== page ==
. 22 THE YOUNG ROUGH RIDERS WEEKLY. \i\Tith this brief delay, the young rough rider resumed his journey and a moment later wa' m ov in g sw iftl y and silerttly over the white sand, which muffled the ho o fstrokes qf the horses and made his flight seem more unnatural than it would otherwise have been. The captain who was bearing up nobly under the strain, followed dutifull y in the steps of Black Bess. Behind these, the gap rapidl y widening, with a painful limp, came the galfant bay. "Poor fellow I cried Ted, "come on, if you can, to the l next station. I wil1 speaK: for extra rations for you. Good-by ' :('' The horse whinnied shrilly, showing manifest sorrow at this separation. Five minutes later he was not to be se en, and with an added burden at his he)ll.rt, the brave young rough rider rode on. He changed horses during this stage, every thirty minutes, and he ms constantly dreading les t the animals should bre0ak clown entirely. With what feelings of gladness he saw the new day breaking in the east may be imagined. But with this joy came a weight of sadness The third day was fast coming, and only a little more than twenty-four hours hence the fate of Arthur Blake would be sealed. Was there no end to this dreary plain of solitude and desolation? Only one who has been in such a situation can under stand it. No language can describe it. While the morning light grew brighter in the east, to his unbounded joy, Ted Strong saw a gradual change coming over the landscape. His horses saw it, and increased their pace without urg ing. Black Bess, now carrying him, showed her delight with short neighs. I "Hurrah!" cried the young rough rider, in the exuber ance of his new-found hope, "at last! at last!" So the great plain of death was passed at last. Its horrors were a memory, but such a memory. s hould fee l better if Charley w ere on ly here." thou ght Ted. "I wonder, too, what the boys will d o when they reach the edge of this hundred-mile desert?'' How refreshing the country looked after the dreary scene just left behind! In less than half an hour, the sight of man and beast was further gladdened by the view of a settlement to be seen in the near distance. This proved to be the little frontier village of Hard Luck; whose appearance was sure to bear out the aptness of the name. Despite this fact, the young rough rider hailed its collection of cabins with unfeigned pleasure, and the cordial greeting of the people was appreciated to its fullest extent. As near as he could tell Teel had ridden, s111ce the previous morning, over two hundr e d miles-two hundred and twenty-five, he believed, and so it afterward proved. The time was really a littl e more than a full clay, but less than thirty hours. What made the feat more surprising was that it ha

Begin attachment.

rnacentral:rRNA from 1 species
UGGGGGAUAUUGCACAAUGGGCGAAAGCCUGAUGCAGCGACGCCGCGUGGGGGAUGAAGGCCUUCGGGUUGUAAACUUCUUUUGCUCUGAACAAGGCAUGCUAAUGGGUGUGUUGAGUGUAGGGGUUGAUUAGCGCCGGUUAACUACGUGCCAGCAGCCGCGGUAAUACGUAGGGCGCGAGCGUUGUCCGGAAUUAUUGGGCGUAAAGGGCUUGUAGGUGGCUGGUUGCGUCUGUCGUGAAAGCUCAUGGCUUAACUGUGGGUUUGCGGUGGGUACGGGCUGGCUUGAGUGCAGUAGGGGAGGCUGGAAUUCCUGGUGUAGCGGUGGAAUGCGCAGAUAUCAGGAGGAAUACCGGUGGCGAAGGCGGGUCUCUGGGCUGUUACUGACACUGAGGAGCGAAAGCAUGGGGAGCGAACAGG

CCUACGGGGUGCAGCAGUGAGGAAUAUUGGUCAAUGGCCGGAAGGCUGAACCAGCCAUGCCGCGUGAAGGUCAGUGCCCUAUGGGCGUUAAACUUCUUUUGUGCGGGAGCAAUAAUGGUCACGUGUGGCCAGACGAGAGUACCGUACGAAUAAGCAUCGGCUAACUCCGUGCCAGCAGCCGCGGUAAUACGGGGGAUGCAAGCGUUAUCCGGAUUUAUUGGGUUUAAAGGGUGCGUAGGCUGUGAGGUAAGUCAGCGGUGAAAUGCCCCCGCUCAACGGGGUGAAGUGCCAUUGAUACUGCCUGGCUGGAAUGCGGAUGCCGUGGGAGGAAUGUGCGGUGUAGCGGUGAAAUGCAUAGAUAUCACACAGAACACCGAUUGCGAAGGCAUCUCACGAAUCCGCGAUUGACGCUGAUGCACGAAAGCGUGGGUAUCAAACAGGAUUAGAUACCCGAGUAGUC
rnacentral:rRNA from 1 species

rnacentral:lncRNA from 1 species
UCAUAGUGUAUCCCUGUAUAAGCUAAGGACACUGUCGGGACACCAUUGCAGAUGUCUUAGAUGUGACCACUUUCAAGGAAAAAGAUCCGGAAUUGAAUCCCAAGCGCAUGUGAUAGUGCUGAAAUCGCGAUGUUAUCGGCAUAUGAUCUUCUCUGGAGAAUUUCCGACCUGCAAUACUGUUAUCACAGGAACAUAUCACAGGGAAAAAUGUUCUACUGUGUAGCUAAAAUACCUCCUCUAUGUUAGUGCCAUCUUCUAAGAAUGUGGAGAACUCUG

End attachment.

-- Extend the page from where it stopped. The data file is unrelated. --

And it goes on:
THE YOUNG ROUGH RID-ERS WEEKLY. d o ne for him and also for caring for Charley should he "Not unless you answer my questions civill y I hav e reach there, as pe believed the horse would, the young a long ride ahead of me, and I need all the strength my rough rider sprang into his seat. spare horse has to help out the other." Black Bess moved on with her old-time lightness of "I ain't more'n a skeeter on a hoss' back," and the imfoot, and Ted waved back his farewell to Hard Luck pudent speaker made a feint to mount the iron-gray. with a light heart. "I am sorry, but I can't afford to accommodate you to-It would not be interesting to follow too closely the day. Have you far to go?" flight for this long afternoon through a country that was broken into n1any defiles and rough valleys. The road at times wound over sharp hillsides and anon down corresponding declivities. Frequently the way was strewn with loose stones that were a constant source of (!nnoyance to the h!)rses. But the y managed to save themselves from harm, and their young rider felt his spirits rise as he saw ahead a smoother country. The course he was following seemed to dip into the upper end of a narrow valley, and he anticipated he was entering ;m stage of his journey. He occasionally passed small villages, and one town of c o nsid e rable importance. He stopped here for half an hour to allow his horses a breathing spell, and to give them an extra feeding of grain. They missed the assistance of the bay. Soon after leaving this place he overtook a man afoot who hailed -him for a ride upon his spare horse. Had this request come at any other spo..t, he might have i g nored the demand entirely As it was he felt obliged to speak to the stranger from the fact that he had come unexpectedly upon a fork in the road, where the highway split into two such eve n parts that he was unable to decide which one to follow. "I am bound to Benson, sir. Will you kindly tell me which road to take?" "If you take either, mister, you'll be sorry for it." "But which is the more direct way?" "Neither ain't direct, mister, as I reckon it. Gin me a ride?" does this road lead to?" "Leads to houses, mister. Gin me a boost on thet spare of yours." "I want to go to Benson, mister. We'll be comp'ny." "But I must get there before q'clock to-morro w morning." "That'd suit me to a T. Here goes, mister." , !, -. r c "Let that horse alone, sir. If I thought it was essent ial for you to I vyoul91 try a!ild accommodate you. Un der the circumstances I cannot. You have declined to answer my questions; good-day." Before the amazed man could offer further resistance, Ted had started ahead, taking the right-hand road. Then th e stranger shouted after him: "Ye can't get tlm;iugh to Beason that way, mister. The Wildcat Bridge is gone !" "Can I go the other way any better?" "No; it goes on the other side of the mountain. That's your only way." Without longer delay, the young rough rider sped down the mountain road. For an h clt r he pursued the even tenor of his ride, when suddenly he swung around a sharp curve in the road, where it overhung a noisy river. He could look down the valley for half a mile. But less than that distance ahead he saw where the road swung around sharply to the right, and crossed over to the other side of the stream. This was Wildcat River. Yonder he believed must be the bridge, which the stranger had said was gone. He was riding Black Bess now, with the iron-gray still behind. It is safe to say his gaze did not leave the turn in the I road where it the river until he was near to see the startling truth. The bridge was gone l